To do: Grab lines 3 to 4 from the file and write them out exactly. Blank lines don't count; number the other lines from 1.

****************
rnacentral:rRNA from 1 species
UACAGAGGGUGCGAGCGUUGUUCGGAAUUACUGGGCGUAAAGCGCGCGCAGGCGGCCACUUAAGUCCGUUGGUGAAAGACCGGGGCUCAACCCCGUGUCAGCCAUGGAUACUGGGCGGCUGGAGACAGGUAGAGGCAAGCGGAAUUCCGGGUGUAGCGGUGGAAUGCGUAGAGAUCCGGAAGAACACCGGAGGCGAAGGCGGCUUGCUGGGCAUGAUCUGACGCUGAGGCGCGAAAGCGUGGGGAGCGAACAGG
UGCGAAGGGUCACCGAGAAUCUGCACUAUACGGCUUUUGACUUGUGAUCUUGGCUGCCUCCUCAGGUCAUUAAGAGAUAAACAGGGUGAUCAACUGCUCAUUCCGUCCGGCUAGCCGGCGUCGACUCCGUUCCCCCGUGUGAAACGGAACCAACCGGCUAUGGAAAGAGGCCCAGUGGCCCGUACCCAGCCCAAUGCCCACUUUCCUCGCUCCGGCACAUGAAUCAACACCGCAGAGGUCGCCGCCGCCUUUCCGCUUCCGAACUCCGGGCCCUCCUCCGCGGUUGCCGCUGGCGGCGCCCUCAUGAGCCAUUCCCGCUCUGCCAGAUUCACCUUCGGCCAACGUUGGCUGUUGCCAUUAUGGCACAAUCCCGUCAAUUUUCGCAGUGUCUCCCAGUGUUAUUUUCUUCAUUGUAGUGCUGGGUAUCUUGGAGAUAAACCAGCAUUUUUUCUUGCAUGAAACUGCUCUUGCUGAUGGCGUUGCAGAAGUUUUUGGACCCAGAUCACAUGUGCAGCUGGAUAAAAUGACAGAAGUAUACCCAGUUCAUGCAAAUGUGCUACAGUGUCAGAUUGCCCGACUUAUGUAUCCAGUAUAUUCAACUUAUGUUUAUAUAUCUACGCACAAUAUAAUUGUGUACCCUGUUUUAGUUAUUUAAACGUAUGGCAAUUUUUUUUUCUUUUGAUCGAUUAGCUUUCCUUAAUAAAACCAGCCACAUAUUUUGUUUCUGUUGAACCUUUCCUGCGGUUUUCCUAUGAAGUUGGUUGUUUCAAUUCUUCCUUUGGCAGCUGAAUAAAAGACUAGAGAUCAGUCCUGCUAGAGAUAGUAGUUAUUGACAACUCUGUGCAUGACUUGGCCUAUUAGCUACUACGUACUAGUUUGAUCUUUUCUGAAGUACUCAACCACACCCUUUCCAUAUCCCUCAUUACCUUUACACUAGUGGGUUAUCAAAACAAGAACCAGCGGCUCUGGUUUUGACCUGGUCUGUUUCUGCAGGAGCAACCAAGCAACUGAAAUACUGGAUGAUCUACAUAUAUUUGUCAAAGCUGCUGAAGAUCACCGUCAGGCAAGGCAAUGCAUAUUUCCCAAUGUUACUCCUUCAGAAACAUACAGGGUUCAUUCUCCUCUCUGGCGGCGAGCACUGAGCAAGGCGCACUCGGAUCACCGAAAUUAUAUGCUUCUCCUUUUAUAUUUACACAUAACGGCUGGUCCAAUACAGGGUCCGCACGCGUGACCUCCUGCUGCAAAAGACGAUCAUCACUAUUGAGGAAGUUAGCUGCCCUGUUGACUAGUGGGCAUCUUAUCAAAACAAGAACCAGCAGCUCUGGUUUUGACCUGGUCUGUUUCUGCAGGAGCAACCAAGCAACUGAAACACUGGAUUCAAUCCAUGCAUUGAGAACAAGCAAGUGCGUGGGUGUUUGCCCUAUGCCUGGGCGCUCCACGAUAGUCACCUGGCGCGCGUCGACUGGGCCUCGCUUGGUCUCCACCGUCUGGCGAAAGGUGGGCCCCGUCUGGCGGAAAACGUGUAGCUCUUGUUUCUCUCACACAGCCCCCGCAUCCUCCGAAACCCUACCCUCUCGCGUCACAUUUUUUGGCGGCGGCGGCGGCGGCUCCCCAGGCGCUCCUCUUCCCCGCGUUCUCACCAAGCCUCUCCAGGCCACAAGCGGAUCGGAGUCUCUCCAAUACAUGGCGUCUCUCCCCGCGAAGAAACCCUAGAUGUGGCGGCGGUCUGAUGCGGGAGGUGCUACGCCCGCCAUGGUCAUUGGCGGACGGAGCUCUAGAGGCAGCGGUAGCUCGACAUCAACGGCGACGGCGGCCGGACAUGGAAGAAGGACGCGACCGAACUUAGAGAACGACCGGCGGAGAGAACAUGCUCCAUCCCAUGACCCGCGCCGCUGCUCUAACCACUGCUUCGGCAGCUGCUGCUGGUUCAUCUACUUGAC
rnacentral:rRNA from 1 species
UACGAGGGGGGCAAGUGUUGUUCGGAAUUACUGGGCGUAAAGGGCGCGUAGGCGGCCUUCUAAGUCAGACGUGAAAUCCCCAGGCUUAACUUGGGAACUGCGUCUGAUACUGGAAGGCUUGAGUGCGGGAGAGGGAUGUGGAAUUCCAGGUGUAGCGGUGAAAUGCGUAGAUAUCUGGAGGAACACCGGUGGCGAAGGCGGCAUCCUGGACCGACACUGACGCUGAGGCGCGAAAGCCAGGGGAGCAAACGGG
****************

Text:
UGCGAAGGGUCACCGAGAAUCUGCACUAUACGGCUUUUGACUUGUGAUCUUGGCUGCCUCCUCAGGUCAUUAAGAGAUAAACAGGGUGAUCAACUGCUCAUUCCGUCCGGCUAGCCGGCGUCGACUCCGUUCCCCCGUGUGAAACGGAACCAACCGGCUAUGGAAAGAGGCCCAGUGGCCCGUACCCAGCCCAAUGCCCACUUUCCUCGCUCCGGCACAUGAAUCAACACCGCAGAGGUCGCCGCCGCCUUUCCGCUUCCGAACUCCGGGCCCUCCUCCGCGGUUGCCGCUGGCGGCGCCCUCAUGAGCCAUUCCCGCUCUGCCAGAUUCACCUUCGGCCAACGUUGGCUGUUGCCAUUAUGGCACAAUCCCGUCAAUUUUCGCAGUGUCUCCCAGUGUUAUUUUCUUCAUUGUAGUGCUGGGUAUCUUGGAGAUAAACCAGCAUUUUUUCUUGCAUGAAACUGCUCUUGCUGAUGGCGUUGCAGAAGUUUUUGGACCCAGAUCACAUGUGCAGCUGGAUAAAAUGACAGAAGUAUACCCAGUUCAUGCAAAUGUGCUACAGUGUCAGAUUGCCCGACUUAUGUAUCCAGUAUAUUCAACUUAUGUUUAUAUAUCUACGCACAAUAUAAUUGUGUACCCUGUUUUAGUUAUUUAAACGUAUGGCAAUUUUUUUUUCUUUUGAUCGAUUAGCUUUCCUUAAUAAAACCAGCCACAUAUUUUGUUUCUGUUGAACCUUUCCUGCGGUUUUCCUAUGAAGUUGGUUGUUUCAAUUCUUCCUUUGGCAGCUGAAUAAAAGACUAGAGAUCAGUCCUGCUAGAGAUAGUAGUUAUUGACAACUCUGUGCAUGACUUGGCCUAUUAGCUACUACGUACUAGUUUGAUCUUUUCUGAAGUACUCAACCACACCCUUUCCAUAUCCCUCAUUACCUUUACACUAGUGGGUUAUCAAAACAAGAACCAGCGGCUCUGGUUUUGACCUGGUCUGUUUCUGCAGGAGCAACCAAGCAACUGAAAUACUGGAUGAUCUACAUAUAUUUGUCAAAGCUGCUGAAGAUCACCGUCAGGCAAGGCAAUGCAUAUUUCCCAAUGUUACUCCUUCAGAAACAUACAGGGUUCAUUCUCCUCUCUGGCGGCGAGCACUGAGCAAGGCGCACUCGGAUCACCGAAAUUAUAUGCUUCUCCUUUUAUAUUUACACAUAACGGCUGGUCCAAUACAGGGUCCGCACGCGUGACCUCCUGCUGCAAAAGACGAUCAUCACUAUUGAGGAAGUUAGCUGCCCUGUUGACUAGUGGGCAUCUUAUCAAAACAAGAACCAGCAGCUCUGGUUUUGACCUGGUCUGUUUCUGCAGGAGCAACCAAGCAACUGAAACACUGGAUUCAAUCCAUGCAUUGAGAACAAGCAAGUGCGUGGGUGUUUGCCCUAUGCCUGGGCGCUCCACGAUAGUCACCUGGCGCGCGUCGACUGGGCCUCGCUUGGUCUCCACCGUCUGGCGAAAGGUGGGCCCCGUCUGGCGGAAAACGUGUAGCUCUUGUUUCUCUCACACAGCCCCCGCAUCCUCCGAAACCCUACCCUCUCGCGUCACAUUUUUUGGCGGCGGCGGCGGCGGCUCCCCAGGCGCUCCUCUUCCCCGCGUUCUCACCAAGCCUCUCCAGGCCACAAGCGGAUCGGAGUCUCUCCAAUACAUGGCGUCUCUCCCCGCGAAGAAACCCUAGAUGUGGCGGCGGUCUGAUGCGGGAGGUGCUACGCCCGCCAUGGUCAUUGGCGGACGGAGCUCUAGAGGCAGCGGUAGCUCGACAUCAACGGCGACGGCGGCCGGACAUGGAAGAAGGACGCGACCGAACUUAGAGAACGACCGGCGGAGAGAACAUGCUCCAUCCCAUGACCCGCGCCGCUGCUCUAACCACUGCUUCGGCAGCUGCUGCUGGUUCAUCUACUUGAC
rnacentral:rRNA from 1 species